In a red blouse and black cowboy hat, Kiersten Henry began to pump up her 6-year-old horse, Lily.
The massive creature had a bounce in her hooves.
The two shot across the large arena, turning around obstacles with finesse before galloping back to the starting line. As the 20-year-old Dallastown resident finished up her run, a sizable crowd cheered her on.
"It's nice being able to have a big crowd," Henry said.
Speed racers: At the Pennsylvania Farm Show's Wednesday morning speed horse competition, she wasn't satisfied with her time. But the sport, like any other, is all about getting better and better, Henry said.
"Like seeing your improvements and everything," she said.
Henry, who wore spurs on her boots, has three horses on her farm. A member of the Pennsylvania Speed Horse Association, she's been horseback riding since she was 5 and speed racing for two years.
She's worked with Lily since she was a baby, she said, so the two have a good relationship.
But Andrew Bilger, 22, of Delta is still trying to find his stride.
He rode his 9-year-old horse, Zippos Brassy Star, in the competition, but the arena had a bigger crowd than he's used to, he said.
"A little stagefright, I would say," Bilger said.
A speed racer for two years, he said his first love is the draft horse, whose purpose was initially to carry knights of shining armor into battle. He's been riding horses since he was 12.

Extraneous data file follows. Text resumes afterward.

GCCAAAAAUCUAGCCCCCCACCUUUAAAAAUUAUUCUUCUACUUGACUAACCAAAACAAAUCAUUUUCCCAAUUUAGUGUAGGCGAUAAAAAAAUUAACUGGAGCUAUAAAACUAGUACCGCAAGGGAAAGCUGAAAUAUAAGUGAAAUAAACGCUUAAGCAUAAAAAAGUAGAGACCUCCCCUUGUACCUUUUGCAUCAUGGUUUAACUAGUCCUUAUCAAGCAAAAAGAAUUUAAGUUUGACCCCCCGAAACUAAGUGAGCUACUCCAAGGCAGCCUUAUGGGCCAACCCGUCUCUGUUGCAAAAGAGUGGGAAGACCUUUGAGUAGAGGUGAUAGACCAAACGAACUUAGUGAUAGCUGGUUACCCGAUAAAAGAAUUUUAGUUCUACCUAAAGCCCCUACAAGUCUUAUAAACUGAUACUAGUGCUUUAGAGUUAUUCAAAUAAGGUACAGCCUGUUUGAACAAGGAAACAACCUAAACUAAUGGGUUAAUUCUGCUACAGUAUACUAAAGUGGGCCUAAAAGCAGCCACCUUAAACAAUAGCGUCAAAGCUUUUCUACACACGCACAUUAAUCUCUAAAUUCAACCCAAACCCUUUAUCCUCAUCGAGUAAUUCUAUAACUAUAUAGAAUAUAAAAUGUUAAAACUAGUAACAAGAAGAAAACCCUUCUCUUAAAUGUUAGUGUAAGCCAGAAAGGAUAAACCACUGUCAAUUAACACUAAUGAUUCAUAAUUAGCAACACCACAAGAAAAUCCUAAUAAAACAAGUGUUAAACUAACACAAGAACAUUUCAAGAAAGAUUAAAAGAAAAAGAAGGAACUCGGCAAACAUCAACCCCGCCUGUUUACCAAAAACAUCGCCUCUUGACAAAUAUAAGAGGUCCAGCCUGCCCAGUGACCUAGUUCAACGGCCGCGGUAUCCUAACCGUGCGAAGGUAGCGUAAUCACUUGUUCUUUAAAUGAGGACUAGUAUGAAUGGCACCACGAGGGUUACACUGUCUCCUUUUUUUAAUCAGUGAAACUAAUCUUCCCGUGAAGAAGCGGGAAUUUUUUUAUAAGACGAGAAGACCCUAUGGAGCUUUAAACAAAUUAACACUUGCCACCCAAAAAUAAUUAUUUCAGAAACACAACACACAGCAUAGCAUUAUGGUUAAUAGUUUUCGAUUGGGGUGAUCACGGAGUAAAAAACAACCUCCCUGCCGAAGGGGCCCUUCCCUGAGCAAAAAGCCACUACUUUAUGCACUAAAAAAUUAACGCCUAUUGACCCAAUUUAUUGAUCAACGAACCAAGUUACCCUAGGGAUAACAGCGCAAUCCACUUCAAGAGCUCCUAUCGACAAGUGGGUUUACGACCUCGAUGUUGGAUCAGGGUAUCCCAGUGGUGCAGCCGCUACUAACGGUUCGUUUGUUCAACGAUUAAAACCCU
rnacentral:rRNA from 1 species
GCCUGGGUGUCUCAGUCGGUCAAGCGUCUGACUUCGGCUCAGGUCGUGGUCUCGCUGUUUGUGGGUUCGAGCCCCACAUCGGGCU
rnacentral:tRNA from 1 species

"It's definitely something to get your mind off stuff," Bilger said.
Competing couple: He competed with his girlfriend, Elisia Markey, 20, of Delta, who has a couple more years of speed racing experience.
"Competition-wise, I can't compete with her," he said.
Markey, who's been riding all her life, snagged first place in the pole event and third in the keyhole. Although she and 13-year-old Miss B. Haven received top scores for their speed, Markey wasn't satisfied.
"I kind of wish we would go faster," she said.
Working with horses has its perks, Markey said. She said she loves the adrenaline rush that comes with speed events, and animals have a special way about them.
"They can fight back, but they can't talk back," Markey said. "They're easier to get along with."
Racing with her boyfriend is a different story, she said.
"We're always in each other's way," she said.
The two compete throughout the year, but qualifying for the finals at the Farm Show is a top honor, Bilger said.
"Farm Show's kind of the thing you're looking forward to all year," he said.
-- Reach Mollie Durkin at firstname.lastname@example.org.